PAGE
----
EPSU warns against going for PPP contractual arrangements for social services, also with the Social Investment Package

Brussels, 30 January 2013

Business Europe, the European Private Sector Employers’ Organisation, has recently presented an initiative to promote models labelled “public-private-partnership (PPP) in social policy in the common interest”. Business Europe claims that this format of delivery of social policies and in particular social services would help pushing the “efficiency in the delivery of social services”, “cost effectiveness in public spending” and “access to quality and affordable social services for all”. In a breakfast meeting of 29 January 2013 first ideas were presented in an effort to align own work with existing and forthcoming initiatives of the European Commission, not least the "Social Investment Package" announced for February 2013 (cf. the last paragraph of this article for more details).

Based on a broad range of existing experience from the last more than a decade, EPSU is critical about this type of attempts to push marketisation of social policies and the commercialisation of the provision of personal social services. In EPSU's view "public-private partnership models" as presented - amongst other types of involvement of private enterprises in contractual arrangements "in partnership" with local and regional government also mentioned and promoted - and promoted by Business Europe imply a move towards “two-tiered systems” of social services delivery, with the risk of to lead to, at least in the mid- and long-term run, better service quality and quicker access available for those that (can and are willing to) pay more out of their pocket. We oppose these developments based on our experience with private service delivery and on a more general level with public-private partnerships within and outside the sector of health and social services (see for a critical assessment of existing practice and an analysis of existing evidence, not least in the (British) health and social care sector, the documents and links at the end of this article). They show that commercial providers aim at creaming off the financially more attractive parts of the “social service market” to leave the rest to public authorities and organisations of the social economy. Interestingly enough, there is no real interest in and no actual (large-scale) investment in social service provision for all citizens or at the the broader public in countries of CEE and Southern Europe where there (currently) is not enough public money, this is only "articulated" where the exclusive or largest share of financing is from public money!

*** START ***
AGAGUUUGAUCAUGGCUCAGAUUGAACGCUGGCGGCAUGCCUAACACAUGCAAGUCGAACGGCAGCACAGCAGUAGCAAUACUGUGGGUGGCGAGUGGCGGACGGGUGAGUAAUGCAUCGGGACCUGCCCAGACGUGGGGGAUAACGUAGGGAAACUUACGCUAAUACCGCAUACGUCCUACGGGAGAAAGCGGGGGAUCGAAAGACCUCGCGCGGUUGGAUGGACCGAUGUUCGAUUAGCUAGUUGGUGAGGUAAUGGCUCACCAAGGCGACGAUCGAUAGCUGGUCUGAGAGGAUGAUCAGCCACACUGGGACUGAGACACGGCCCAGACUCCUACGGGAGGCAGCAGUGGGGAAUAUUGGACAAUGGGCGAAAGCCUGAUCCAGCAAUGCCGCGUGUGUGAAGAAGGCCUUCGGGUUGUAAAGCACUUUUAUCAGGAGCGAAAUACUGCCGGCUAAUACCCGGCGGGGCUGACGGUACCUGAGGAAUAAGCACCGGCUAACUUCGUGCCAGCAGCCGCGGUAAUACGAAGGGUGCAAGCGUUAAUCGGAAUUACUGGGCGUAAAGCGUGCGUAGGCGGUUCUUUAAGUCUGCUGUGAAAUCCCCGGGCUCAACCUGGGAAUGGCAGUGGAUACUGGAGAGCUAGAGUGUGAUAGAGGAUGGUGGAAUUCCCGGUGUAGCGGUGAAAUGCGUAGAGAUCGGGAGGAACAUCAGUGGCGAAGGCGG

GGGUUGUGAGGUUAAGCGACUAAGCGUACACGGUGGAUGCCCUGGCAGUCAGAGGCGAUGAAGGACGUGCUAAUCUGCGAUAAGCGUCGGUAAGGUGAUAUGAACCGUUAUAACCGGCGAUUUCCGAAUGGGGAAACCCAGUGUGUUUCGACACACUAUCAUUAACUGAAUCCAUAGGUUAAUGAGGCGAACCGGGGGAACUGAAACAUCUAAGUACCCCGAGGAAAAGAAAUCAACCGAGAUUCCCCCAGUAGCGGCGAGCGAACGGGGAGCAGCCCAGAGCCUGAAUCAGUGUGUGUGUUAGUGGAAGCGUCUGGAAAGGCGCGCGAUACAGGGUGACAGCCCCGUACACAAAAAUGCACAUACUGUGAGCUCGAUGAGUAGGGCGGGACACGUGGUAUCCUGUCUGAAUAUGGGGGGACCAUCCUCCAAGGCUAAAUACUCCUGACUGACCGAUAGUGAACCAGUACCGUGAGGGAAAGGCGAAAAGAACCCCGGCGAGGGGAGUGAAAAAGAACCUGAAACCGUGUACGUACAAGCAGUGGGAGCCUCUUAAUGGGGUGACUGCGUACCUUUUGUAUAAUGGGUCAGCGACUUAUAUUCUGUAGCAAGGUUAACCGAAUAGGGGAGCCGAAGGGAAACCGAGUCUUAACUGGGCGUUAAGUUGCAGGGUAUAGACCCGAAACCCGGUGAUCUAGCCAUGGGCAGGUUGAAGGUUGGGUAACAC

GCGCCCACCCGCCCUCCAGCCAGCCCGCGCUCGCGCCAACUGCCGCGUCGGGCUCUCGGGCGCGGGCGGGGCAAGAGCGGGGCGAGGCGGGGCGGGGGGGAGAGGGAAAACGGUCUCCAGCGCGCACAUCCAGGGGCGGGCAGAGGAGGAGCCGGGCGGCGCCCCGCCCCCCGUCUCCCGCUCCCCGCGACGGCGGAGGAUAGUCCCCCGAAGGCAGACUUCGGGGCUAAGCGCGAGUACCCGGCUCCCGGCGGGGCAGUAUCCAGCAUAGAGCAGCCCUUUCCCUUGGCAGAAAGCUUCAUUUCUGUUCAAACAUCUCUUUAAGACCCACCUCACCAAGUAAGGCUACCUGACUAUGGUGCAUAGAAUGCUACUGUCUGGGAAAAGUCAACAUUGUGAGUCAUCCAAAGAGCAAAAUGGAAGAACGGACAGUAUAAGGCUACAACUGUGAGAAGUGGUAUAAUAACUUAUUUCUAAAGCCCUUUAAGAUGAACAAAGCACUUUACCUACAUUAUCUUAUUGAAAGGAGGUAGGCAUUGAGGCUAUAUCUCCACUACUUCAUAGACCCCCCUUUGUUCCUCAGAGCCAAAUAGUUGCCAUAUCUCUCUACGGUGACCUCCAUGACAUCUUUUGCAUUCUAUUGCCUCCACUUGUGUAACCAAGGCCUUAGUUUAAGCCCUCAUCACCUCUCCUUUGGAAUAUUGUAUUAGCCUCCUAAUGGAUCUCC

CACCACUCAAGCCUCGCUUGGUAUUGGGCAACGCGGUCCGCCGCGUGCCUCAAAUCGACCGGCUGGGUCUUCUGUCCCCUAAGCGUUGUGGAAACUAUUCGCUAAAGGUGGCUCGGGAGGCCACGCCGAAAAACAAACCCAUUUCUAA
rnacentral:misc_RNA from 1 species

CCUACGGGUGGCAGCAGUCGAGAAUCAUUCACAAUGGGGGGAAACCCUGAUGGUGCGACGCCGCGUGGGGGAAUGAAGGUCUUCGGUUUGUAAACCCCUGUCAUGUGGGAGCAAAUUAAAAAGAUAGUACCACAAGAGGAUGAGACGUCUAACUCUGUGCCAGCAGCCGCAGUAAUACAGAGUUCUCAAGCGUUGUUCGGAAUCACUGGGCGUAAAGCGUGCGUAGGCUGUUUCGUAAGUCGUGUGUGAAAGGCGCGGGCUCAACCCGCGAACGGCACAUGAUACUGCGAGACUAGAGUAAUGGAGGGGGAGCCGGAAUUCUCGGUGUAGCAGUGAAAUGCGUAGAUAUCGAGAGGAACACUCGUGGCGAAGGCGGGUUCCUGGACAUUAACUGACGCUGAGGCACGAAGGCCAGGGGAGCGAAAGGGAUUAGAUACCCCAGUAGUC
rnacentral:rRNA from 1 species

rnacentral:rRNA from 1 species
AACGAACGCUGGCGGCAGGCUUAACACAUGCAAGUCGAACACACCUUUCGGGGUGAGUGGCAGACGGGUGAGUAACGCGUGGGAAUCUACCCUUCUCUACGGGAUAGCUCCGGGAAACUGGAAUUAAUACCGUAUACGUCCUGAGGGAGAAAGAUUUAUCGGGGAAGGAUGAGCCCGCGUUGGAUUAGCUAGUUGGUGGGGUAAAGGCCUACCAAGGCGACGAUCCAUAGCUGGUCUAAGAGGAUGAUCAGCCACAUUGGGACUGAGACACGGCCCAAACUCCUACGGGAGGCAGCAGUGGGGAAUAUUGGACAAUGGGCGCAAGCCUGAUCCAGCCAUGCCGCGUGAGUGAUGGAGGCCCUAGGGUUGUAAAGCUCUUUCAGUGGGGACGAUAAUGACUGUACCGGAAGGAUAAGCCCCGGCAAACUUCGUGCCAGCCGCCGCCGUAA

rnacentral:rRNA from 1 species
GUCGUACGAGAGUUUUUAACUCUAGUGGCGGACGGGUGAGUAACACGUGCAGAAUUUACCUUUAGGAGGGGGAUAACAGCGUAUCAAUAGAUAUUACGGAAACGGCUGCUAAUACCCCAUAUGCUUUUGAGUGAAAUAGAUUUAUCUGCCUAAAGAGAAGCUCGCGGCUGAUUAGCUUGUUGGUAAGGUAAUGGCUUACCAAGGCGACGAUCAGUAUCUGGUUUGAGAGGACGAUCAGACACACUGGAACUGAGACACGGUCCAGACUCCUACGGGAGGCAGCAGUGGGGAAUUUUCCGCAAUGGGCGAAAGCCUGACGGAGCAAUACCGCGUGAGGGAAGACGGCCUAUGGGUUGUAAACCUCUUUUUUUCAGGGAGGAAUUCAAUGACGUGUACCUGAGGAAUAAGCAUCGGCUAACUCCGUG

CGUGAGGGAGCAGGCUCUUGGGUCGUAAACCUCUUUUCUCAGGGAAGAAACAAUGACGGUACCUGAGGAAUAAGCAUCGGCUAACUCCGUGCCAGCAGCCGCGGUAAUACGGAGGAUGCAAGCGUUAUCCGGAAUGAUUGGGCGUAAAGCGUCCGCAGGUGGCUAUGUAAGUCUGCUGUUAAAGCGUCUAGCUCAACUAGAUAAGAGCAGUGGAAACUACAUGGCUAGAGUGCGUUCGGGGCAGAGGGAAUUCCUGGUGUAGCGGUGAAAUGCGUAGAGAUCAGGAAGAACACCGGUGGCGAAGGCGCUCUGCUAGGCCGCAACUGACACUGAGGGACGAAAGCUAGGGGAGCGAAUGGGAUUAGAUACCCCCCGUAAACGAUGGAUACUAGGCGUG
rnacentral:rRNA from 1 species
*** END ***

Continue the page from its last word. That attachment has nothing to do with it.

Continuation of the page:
The interest of commercial providers - in particular of enterprises operating on a regional, national or multi-national level - to “enter into social service markets” is facilitated by at least ambiguous policy frameworks supported by the European Commission. The latter supports, partially openly, partially indirectly the setting up and EU-level regulation of transnational markets in health and social care – with policy, EU legislation and financial assistance.

EPSU has elaborated positions on the legal, policy and quality framework of social services (last updated in March 2011).

EPSU will monitor the concept and objectives linked to the "Social Investment Package" DG EMPL plans to present during February 2013, and this independently from the role of PPP-models in social policy. According to information shared with the participants of the meeting mentioned above this EC Initiative will be built around four instruments - they all seem to focus more on small and medium-sized enterprises (SMEs) and the organisations of the social economy: